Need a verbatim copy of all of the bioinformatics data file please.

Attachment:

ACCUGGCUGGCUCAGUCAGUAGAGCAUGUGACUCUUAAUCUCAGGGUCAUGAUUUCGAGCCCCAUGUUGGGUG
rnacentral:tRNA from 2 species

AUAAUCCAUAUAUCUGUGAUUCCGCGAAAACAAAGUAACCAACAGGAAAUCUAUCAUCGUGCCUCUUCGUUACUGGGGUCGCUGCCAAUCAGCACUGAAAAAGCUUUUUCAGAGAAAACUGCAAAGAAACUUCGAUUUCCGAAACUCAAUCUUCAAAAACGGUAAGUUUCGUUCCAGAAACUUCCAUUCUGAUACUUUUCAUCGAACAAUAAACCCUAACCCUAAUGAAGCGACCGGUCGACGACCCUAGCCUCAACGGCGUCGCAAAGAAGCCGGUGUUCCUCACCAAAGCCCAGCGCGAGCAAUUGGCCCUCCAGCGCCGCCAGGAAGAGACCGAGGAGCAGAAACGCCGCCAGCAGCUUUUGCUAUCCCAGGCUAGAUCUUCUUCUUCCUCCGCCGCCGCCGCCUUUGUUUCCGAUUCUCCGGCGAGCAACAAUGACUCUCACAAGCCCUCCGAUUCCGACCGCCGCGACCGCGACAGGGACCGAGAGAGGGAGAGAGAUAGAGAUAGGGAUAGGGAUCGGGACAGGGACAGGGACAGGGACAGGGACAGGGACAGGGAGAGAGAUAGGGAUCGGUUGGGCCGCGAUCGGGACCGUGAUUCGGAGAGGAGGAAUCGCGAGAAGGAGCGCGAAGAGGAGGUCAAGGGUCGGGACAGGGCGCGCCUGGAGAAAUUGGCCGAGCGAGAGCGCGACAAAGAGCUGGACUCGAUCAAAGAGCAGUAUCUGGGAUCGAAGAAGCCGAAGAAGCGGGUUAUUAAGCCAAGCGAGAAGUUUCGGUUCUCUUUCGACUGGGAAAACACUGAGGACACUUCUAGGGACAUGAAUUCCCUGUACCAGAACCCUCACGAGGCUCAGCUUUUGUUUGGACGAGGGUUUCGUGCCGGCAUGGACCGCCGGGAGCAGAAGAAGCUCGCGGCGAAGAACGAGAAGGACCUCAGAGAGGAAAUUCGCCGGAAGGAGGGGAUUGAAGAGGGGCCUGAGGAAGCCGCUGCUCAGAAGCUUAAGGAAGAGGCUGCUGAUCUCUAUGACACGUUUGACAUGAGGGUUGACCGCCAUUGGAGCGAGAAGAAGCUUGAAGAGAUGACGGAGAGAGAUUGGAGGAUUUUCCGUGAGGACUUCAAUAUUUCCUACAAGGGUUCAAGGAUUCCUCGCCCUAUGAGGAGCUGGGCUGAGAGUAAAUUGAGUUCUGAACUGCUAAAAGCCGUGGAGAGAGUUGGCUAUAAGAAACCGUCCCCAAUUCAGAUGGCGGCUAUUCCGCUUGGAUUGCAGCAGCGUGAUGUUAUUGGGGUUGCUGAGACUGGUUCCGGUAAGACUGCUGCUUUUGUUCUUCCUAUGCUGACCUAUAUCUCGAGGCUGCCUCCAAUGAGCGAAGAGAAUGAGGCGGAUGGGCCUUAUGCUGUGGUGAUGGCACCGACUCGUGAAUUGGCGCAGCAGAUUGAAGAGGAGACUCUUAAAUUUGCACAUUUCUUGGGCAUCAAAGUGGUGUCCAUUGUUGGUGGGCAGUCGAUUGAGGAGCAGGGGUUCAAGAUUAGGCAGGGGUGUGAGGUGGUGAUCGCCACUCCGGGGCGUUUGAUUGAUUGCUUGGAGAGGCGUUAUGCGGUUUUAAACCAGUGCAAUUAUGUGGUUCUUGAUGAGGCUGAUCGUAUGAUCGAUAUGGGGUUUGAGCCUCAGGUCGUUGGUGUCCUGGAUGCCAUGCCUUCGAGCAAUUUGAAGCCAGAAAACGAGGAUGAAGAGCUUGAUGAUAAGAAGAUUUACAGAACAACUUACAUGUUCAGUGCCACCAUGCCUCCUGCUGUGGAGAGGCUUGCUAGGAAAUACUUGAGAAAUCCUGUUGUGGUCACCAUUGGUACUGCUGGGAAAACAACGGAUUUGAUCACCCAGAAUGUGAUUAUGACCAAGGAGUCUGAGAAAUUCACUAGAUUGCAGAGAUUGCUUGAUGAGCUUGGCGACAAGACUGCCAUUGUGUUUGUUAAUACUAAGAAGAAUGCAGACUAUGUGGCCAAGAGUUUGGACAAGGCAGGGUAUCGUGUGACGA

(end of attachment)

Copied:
ACCUGGCUGGCUCAGUCAGUAGAGCAUGUGACUCUUAAUCUCAGGGUCAUGAUUUCGAGCCCCAUGUUGGGUG
rnacentral:tRNA from 2 species

AUAAUCCAUAUAUCUGUGAUUCCGCGAAAACAAAGUAACCAACAGGAAAUCUAUCAUCGUGCCUCUUCGUUACUGGGGUCGCUGCCAAUCAGCACUGAAAAAGCUUUUUCAGAGAAAACUGCAAAGAAACUUCGAUUUCCGAAACUCAAUCUUCAAAAACGGUAAGUUUCGUUCCAGAAACUUCCAUUCUGAUACUUUUCAUCGAACAAUAAACCCUAACCCUAAUGAAGCGACCGGUCGACGACCCUAGCCUCAACGGCGUCGCAAAGAAGCCGGUGUUCCUCACCAAAGCCCAGCGCGAGCAAUUGGCCCUCCAGCGCCGCCAGGAAGAGACCGAGGAGCAGAAACGCCGCCAGCAGCUUUUGCUAUCCCAGGCUAGAUCUUCUUCUUCCUCCGCCGCCGCCGCCUUUGUUUCCGAUUCUCCGGCGAGCAACAAUGACUCUCACAAGCCCUCCGAUUCCGACCGCCGCGACCGCGACAGGGACCGAGAGAGGGAGAGAGAUAGAGAUAGGGAUAGGGAUCGGGACAGGGACAGGGACAGGGACAGGGACAGGGACAGGGAGAGAGAUAGGGAUCGGUUGGGCCGCGAUCGGGACCGUGAUUCGGAGAGGAGGAAUCGCGAGAAGGAGCGCGAAGAGGAGGUCAAGGGUCGGGACAGGGCGCGCCUGGAGAAAUUGGCCGAGCGAGAGCGCGACAAAGAGCUGGACUCGAUCAAAGAGCAGUAUCUGGGAUCGAAGAAGCCGAAGAAGCGGGUUAUUAAGCCAAGCGAGAAGUUUCGGUUCUCUUUCGACUGGGAAAACACUGAGGACACUUCUAGGGACAUGAAUUCCCUGUACCAGAACCCUCACGAGGCUCAGCUUUUGUUUGGACGAGGGUUUCGUGCCGGCAUGGACCGCCGGGAGCAGAAGAAGCUCGCGGCGAAGAACGAGAAGGACCUCAGAGAGGAAAUUCGCCGGAAGGAGGGGAUUGAAGAGGGGCCUGAGGAAGCCGCUGCUCAGAAGCUUAAGGAAGAGGCUGCUGAUCUCUAUGACACGUUUGACAUGAGGGUUGACCGCCAUUGGAGCGAGAAGAAGCUUGAAGAGAUGACGGAGAGAGAUUGGAGGAUUUUCCGUGAGGACUUCAAUAUUUCCUACAAGGGUUCAAGGAUUCCUCGCCCUAUGAGGAGCUGGGCUGAGAGUAAAUUGAGUUCUGAACUGCUAAAAGCCGUGGAGAGAGUUGGCUAUAAGAAACCGUCCCCAAUUCAGAUGGCGGCUAUUCCGCUUGGAUUGCAGCAGCGUGAUGUUAUUGGGGUUGCUGAGACUGGUUCCGGUAAGACUGCUGCUUUUGUUCUUCCUAUGCUGACCUAUAUCUCGAGGCUGCCUCCAAUGAGCGAAGAGAAUGAGGCGGAUGGGCCUUAUGCUGUGGUGAUGGCACCGACUCGUGAAUUGGCGCAGCAGAUUGAAGAGGAGACUCUUAAAUUUGCACAUUUCUUGGGCAUCAAAGUGGUGUCCAUUGUUGGUGGGCAGUCGAUUGAGGAGCAGGGGUUCAAGAUUAGGCAGGGGUGUGAGGUGGUGAUCGCCACUCCGGGGCGUUUGAUUGAUUGCUUGGAGAGGCGUUAUGCGGUUUUAAACCAGUGCAAUUAUGUGGUUCUUGAUGAGGCUGAUCGUAUGAUCGAUAUGGGGUUUGAGCCUCAGGUCGUUGGUGUCCUGGAUGCCAUGCCUUCGAGCAAUUUGAAGCCAGAAAACGAGGAUGAAGAGCUUGAUGAUAAGAAGAUUUACAGAACAACUUACAUGUUCAGUGCCACCAUGCCUCCUGCUGUGGAGAGGCUUGCUAGGAAAUACUUGAGAAAUCCUGUUGUGGUCACCAUUGGUACUGCUGGGAAAACAACGGAUUUGAUCACCCAGAAUGUGAUUAUGACCAAGGAGUCUGAGAAAUUCACUAGAUUGCAGAGAUUGCUUGAUGAGCUUGGCGACAAGACUGCCAUUGUGUUUGUUAAUACUAAGAAGAAUGCAGACUAUGUGGCCAAGAGUUUGGACAAGGCAGGGUAUCGUGUGACGA